CORPORATE FINANCING NEWS: CORPORATE DEBT
By Gordon Platt
Investors have piled into US treasury bonds in recent years to escape such financial scares as the eurozone debt crisis and slowing growth in China.
Analysts warn that the bond rally is nearing an end, however, and that the meager returns from low coupon yields are not compensating for the risk of higher market rates and lower prices.
Nigel Green, CEO of deVere Group, an independent financial advisory firm, says: “Thanks to the Federal Reserve’s bond-buying program, which has held down interest rates, bond investors have enjoyed good returns in recent years. However, while it is expected that the Fed will keep rates near zero until October 2014, it is highly unlikely that interest rates will drop any further, meaning the interest from bonds will be modest to say the least—and that’s being optimistic.”
When rates do go up, bond prices will automatically fall. “Rather than hanging around waiting for their investments to devalue, investors should consider rebalancing their portfolios sooner rather than later,” Green says. “It may be time to take the bull by the horns and consider increasing exposure to well-diversified, higher-risk/higher-return investment opportunities.”
In recent weeks, rates have started rising on blue-chip corporate bond issues. Investment-grade corporates have posted negative returns for the year to date.
Corporate credit and high-yield bonds are somewhat exuberantly and irrationally priced, according to Bill Gross, manager of the world’s biggest bond fund at California-based Pacific Investment Management. “Spreads are tight, corporate profit margins are at record peaks with room to fall, and the economy is still fragile.”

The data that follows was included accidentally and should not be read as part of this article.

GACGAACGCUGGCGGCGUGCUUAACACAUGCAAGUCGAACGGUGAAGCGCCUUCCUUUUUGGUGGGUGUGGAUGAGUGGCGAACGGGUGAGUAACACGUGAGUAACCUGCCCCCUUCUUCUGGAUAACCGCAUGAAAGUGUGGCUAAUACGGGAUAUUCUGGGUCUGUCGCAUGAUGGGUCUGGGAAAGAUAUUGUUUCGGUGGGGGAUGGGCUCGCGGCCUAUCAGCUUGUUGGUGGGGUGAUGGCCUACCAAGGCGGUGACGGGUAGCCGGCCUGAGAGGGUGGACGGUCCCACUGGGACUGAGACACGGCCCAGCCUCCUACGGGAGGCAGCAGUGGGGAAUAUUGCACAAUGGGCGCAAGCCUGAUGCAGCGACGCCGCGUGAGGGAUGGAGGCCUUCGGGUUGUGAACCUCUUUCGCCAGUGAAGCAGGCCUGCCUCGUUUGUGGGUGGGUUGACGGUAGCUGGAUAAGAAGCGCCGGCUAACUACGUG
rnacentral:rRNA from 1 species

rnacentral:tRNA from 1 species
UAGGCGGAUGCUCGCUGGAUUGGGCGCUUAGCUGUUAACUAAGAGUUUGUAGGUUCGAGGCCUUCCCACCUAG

REACHING FOR YIELD
US Fed governor Jeremy Stein warned in a recent speech that some credit markets, including leveraged loans and high-yield bonds, are showing signs of excessive risk taking. “We are seeing a fairly significant pattern of reaching-for-yield behavior emerging in corporate credit,” he said.
A disorderly rotation out of bonds—characterized by higher interest rates and wider credit spreads—is the biggest risk for investment-grade corporate bond investors this year, according to Hans Mikkelsen, credit strategist at Bank of America Merrill Lynch. “However, history offers little guidance about how much of an increase in interest rates would prompt such a disorderly scenario and how it would play out,” he says in a note to clients.
TRADING ILLIQUID BONDS
Although corporate bonds have historically been illiquid and difficult to trade, that has changed with the advent of bond funds and exchange-traded funds (ETFs), he notes. “The key problem is that individual investors now have a means to trade illiquid corporate bonds in a much more liquid manner,” Mikkelsen explains. “If we were to experience outflows from bond funds of the magnitude seen in 1994 and 1999, the impact on corporate bonds this time would be much more severe.”
Issuance of high-yield bonds in the US market fell to $22.2 billion in February from $32.1 billion in January, according to KDP Investment Advisors. Most issuance activity was related to refinancing of outstanding issues or financing of mergers and acquisitions.
Liberty Global used special-purpose vehicles, Lynx I and Lynx II, to issue high-yield bonds denominated in dollars and British pounds to finance its purchase of UK cable group Virgin Media.